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Planning for Paddleboarding Trip? Here’s How to Prepare

Only a few years ago, paddleboarding took over cottage country as all the rage. No longer do people need to live in a high-wind, high-tide area in order to feel the joy of soaring across the water. No longer do people need months of surfing practice before they can ride the local waters. Paddleboarding is fun, great exercise, and an effective mode of travel. The following will explore some of the things you need to keep in mind if you’re planning on going a decent distance on your paddleboard.

Know Your Limits

Before we begin, it is essential to note that paddleboarding can be strenuous on the arms and back. It can also require a lot of help from your stomach muscles. If you haven’t tested your capabilities on a paddleboard before, make sure that you take one out on the water to get an idea of how long you could paddle board for. It uses different muscles than you might be used to, even if you’re incredibly fit.

If you want a fun and relaxing excursion, look into journeys that are not too long where you won’t be fighting against the tide for too much of the trip. Be honest with yourself about your capabilities, and don’t push too hard the first few times. Yes, people have crossed oceans before on paddleboards, but this doesn’t mean you have to. It is unwise and unsafe to challenge yourself too much, especially if you’re going to be in a secluded area where the chances of a boat passing by as you sit exhausted, stuck out on the water, are slim.

Make Sure Everyone Is Onboard

The same applies to anyone who will be coming on the trip with you. Adults or teens who will have their own paddle boards need to know their limits. If you plan on taking smaller children or dogs on your own board, make sure you give them a bit of time to get used to the feeling before the big day. Paddleboarding makes for an excellent family activity. This being said, some children (we all know which ones) are high-risk individuals and might not take the idea of balancing on the water so seriously. Make sure all kids have life jackets and are taught where to sit or stand to keep everything level.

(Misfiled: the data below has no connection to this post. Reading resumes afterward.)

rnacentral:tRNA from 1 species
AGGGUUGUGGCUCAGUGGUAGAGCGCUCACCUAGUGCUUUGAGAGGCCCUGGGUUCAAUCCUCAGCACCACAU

Pack Properly

Depending on how long you’re going to be out on the water will influence the sort of things you bring. Nearly all paddle boards have an area where things can be tied safely to the board to make sure that things aren’t floating away. Do your research on how much water needs to be brought, particularly if you’re going to be paddleboarding in a hot climate. Remember, paddleboarding is exercise, and this means you or others might require more than the usual amount of water. Use your judgment as well for snacks and meals.

In addition to water and food, you might want to bring some of the following with you:

  • Sunscreen or sunblock
  • Sunglasses
  • Hat
  • Lip balm
  • Paddling gloves (some people find paddling hard on the hands, these gloves prevent blisters)
  • Weather appropriate clothing (that might end up getting wet)
  • Board equipment (the board itself, a board leash, fins (with pins), a paddle, an inflatable hand pump)
  • Enough life jackets for everyone (be sure to look up the rules and regulations where you’ll be paddleboarding—many states and countries have their own laws about this, which are strictly enforced with exorbitant fines)
  • Maps, a compass, and/or a GPS (there are waterproof cases available for all of these items)
  • Cell phone with a fully charged battery in a waterproof bag (you might also want a solar charger)
  • A first-aid kit
  • An emergency mylar blanket
  • Emergency signaling devices like a flare, a whistle, or mirror

There are dry bags available on the market that float (if they go overboard) and protect your personal items from any water damage. You might want to bring fun items as well, like a camera or games for the kids. If you’re planning on docking and hiking or enjoying an island, you might also want to bring a small backpack so you can carry your items with you and toilet paper.

Planning for Paddleboarding Trip? Here’s How to Prepare

The above information should set you up nicely for your first paddleboard trip. Make sure that you do your research and get any necessary permits and licenses (all parks, states, and countries have different regulations). And of course, be sure to leave a trip itinerary with a friend and one under your car seat (that your friend knows about).

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Written by George K.

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